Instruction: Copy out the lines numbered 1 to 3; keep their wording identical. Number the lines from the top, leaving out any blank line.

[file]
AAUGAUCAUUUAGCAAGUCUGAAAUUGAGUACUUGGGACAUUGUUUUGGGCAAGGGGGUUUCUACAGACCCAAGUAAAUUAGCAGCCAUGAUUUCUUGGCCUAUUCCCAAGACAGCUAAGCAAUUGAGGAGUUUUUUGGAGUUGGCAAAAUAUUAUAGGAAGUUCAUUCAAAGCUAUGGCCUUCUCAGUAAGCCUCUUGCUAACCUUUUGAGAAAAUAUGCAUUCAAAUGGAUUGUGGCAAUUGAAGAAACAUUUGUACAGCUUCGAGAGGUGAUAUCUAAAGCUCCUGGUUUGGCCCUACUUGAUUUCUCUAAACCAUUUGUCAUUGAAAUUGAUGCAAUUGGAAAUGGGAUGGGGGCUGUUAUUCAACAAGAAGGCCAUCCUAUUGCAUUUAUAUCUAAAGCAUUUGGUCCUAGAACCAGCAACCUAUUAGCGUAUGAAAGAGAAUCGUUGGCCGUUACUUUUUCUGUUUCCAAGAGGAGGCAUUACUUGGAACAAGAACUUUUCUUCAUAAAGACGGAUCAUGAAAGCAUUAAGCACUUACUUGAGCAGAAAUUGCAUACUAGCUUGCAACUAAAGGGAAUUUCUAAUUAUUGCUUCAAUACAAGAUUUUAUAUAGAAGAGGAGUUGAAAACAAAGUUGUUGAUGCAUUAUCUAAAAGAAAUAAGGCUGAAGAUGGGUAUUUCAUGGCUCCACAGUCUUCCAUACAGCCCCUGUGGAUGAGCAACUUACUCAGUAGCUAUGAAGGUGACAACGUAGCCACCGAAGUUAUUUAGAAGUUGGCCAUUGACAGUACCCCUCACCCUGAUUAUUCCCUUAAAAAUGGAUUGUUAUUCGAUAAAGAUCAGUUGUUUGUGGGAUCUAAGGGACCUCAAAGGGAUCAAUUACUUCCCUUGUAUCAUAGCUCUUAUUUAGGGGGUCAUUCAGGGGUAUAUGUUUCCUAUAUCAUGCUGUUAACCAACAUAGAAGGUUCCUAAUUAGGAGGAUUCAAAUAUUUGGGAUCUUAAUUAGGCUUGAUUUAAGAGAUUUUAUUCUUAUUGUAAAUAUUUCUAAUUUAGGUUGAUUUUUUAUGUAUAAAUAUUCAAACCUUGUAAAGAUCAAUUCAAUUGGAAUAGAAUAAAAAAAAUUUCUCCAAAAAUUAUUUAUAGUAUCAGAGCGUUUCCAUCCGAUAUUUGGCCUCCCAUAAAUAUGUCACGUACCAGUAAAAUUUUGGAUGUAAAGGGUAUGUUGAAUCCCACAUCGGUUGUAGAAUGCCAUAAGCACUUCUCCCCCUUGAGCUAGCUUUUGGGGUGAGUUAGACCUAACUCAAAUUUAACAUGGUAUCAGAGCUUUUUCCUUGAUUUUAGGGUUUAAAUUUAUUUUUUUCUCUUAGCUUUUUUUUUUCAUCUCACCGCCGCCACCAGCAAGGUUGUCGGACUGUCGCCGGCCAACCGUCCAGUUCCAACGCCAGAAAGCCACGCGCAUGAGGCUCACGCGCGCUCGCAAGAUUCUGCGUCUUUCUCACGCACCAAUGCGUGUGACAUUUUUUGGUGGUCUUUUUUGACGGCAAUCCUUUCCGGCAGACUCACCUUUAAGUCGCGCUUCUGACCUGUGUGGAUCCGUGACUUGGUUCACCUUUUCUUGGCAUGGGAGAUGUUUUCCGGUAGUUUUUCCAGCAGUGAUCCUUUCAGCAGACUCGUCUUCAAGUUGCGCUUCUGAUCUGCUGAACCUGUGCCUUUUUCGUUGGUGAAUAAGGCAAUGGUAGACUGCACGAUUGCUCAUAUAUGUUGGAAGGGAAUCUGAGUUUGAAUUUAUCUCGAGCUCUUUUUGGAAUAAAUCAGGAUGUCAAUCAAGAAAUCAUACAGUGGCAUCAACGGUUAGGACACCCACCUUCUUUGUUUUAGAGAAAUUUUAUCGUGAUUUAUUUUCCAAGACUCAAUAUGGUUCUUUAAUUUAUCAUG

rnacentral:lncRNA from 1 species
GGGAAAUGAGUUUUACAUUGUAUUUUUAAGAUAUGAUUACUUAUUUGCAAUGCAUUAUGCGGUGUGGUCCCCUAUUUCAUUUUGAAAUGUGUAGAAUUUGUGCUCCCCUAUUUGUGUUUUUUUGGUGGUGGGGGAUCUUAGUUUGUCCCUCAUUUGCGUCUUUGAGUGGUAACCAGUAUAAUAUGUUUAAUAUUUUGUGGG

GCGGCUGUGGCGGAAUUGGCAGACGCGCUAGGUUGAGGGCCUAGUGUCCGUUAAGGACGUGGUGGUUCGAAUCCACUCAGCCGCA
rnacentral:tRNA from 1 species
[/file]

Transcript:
AAUGAUCAUUUAGCAAGUCUGAAAUUGAGUACUUGGGACAUUGUUUUGGGCAAGGGGGUUUCUACAGACCCAAGUAAAUUAGCAGCCAUGAUUUCUUGGCCUAUUCCCAAGACAGCUAAGCAAUUGAGGAGUUUUUUGGAGUUGGCAAAAUAUUAUAGGAAGUUCAUUCAAAGCUAUGGCCUUCUCAGUAAGCCUCUUGCUAACCUUUUGAGAAAAUAUGCAUUCAAAUGGAUUGUGGCAAUUGAAGAAACAUUUGUACAGCUUCGAGAGGUGAUAUCUAAAGCUCCUGGUUUGGCCCUACUUGAUUUCUCUAAACCAUUUGUCAUUGAAAUUGAUGCAAUUGGAAAUGGGAUGGGGGCUGUUAUUCAACAAGAAGGCCAUCCUAUUGCAUUUAUAUCUAAAGCAUUUGGUCCUAGAACCAGCAACCUAUUAGCGUAUGAAAGAGAAUCGUUGGCCGUUACUUUUUCUGUUUCCAAGAGGAGGCAUUACUUGGAACAAGAACUUUUCUUCAUAAAGACGGAUCAUGAAAGCAUUAAGCACUUACUUGAGCAGAAAUUGCAUACUAGCUUGCAACUAAAGGGAAUUUCUAAUUAUUGCUUCAAUACAAGAUUUUAUAUAGAAGAGGAGUUGAAAACAAAGUUGUUGAUGCAUUAUCUAAAAGAAAUAAGGCUGAAGAUGGGUAUUUCAUGGCUCCACAGUCUUCCAUACAGCCCCUGUGGAUGAGCAACUUACUCAGUAGCUAUGAAGGUGACAACGUAGCCACCGAAGUUAUUUAGAAGUUGGCCAUUGACAGUACCCCUCACCCUGAUUAUUCCCUUAAAAAUGGAUUGUUAUUCGAUAAAGAUCAGUUGUUUGUGGGAUCUAAGGGACCUCAAAGGGAUCAAUUACUUCCCUUGUAUCAUAGCUCUUAUUUAGGGGGUCAUUCAGGGGUAUAUGUUUCCUAUAUCAUGCUGUUAACCAACAUAGAAGGUUCCUAAUUAGGAGGAUUCAAAUAUUUGGGAUCUUAAUUAGGCUUGAUUUAAGAGAUUUUAUUCUUAUUGUAAAUAUUUCUAAUUUAGGUUGAUUUUUUAUGUAUAAAUAUUCAAACCUUGUAAAGAUCAAUUCAAUUGGAAUAGAAUAAAAAAAAUUUCUCCAAAAAUUAUUUAUAGUAUCAGAGCGUUUCCAUCCGAUAUUUGGCCUCCCAUAAAUAUGUCACGUACCAGUAAAAUUUUGGAUGUAAAGGGUAUGUUGAAUCCCACAUCGGUUGUAGAAUGCCAUAAGCACUUCUCCCCCUUGAGCUAGCUUUUGGGGUGAGUUAGACCUAACUCAAAUUUAACAUGGUAUCAGAGCUUUUUCCUUGAUUUUAGGGUUUAAAUUUAUUUUUUUCUCUUAGCUUUUUUUUUUCAUCUCACCGCCGCCACCAGCAAGGUUGUCGGACUGUCGCCGGCCAACCGUCCAGUUCCAACGCCAGAAAGCCACGCGCAUGAGGCUCACGCGCGCUCGCAAGAUUCUGCGUCUUUCUCACGCACCAAUGCGUGUGACAUUUUUUGGUGGUCUUUUUUGACGGCAAUCCUUUCCGGCAGACUCACCUUUAAGUCGCGCUUCUGACCUGUGUGGAUCCGUGACUUGGUUCACCUUUUCUUGGCAUGGGAGAUGUUUUCCGGUAGUUUUUCCAGCAGUGAUCCUUUCAGCAGACUCGUCUUCAAGUUGCGCUUCUGAUCUGCUGAACCUGUGCCUUUUUCGUUGGUGAAUAAGGCAAUGGUAGACUGCACGAUUGCUCAUAUAUGUUGGAAGGGAAUCUGAGUUUGAAUUUAUCUCGAGCUCUUUUUGGAAUAAAUCAGGAUGUCAAUCAAGAAAUCAUACAGUGGCAUCAACGGUUAGGACACCCACCUUCUUUGUUUUAGAGAAAUUUUAUCGUGAUUUAUUUUCCAAGACUCAAUAUGGUUCUUUAAUUUAUCAUG

rnacentral:lncRNA from 1 species
GGGAAAUGAGUUUUACAUUGUAUUUUUAAGAUAUGAUUACUUAUUUGCAAUGCAUUAUGCGGUGUGGUCCCCUAUUUCAUUUUGAAAUGUGUAGAAUUUGUGCUCCCCUAUUUGUGUUUUUUUGGUGGUGGGGGAUCUUAGUUUGUCCCUCAUUUGCGUCUUUGAGUGGUAACCAGUAUAAUAUGUUUAAUAUUUUGUGGG